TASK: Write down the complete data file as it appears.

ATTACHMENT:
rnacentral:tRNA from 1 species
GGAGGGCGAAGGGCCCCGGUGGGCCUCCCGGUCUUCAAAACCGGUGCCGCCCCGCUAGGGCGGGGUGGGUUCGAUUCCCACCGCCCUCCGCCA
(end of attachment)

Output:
rnacentral:tRNA from 1 species
GGAGGGCGAAGGGCCCCGGUGGGCCUCCCGGUCUUCAAAACCGGUGCCGCCCCGCUAGGGCGGGGUGGGUUCGAUUCCCACCGCCCUCCGCCA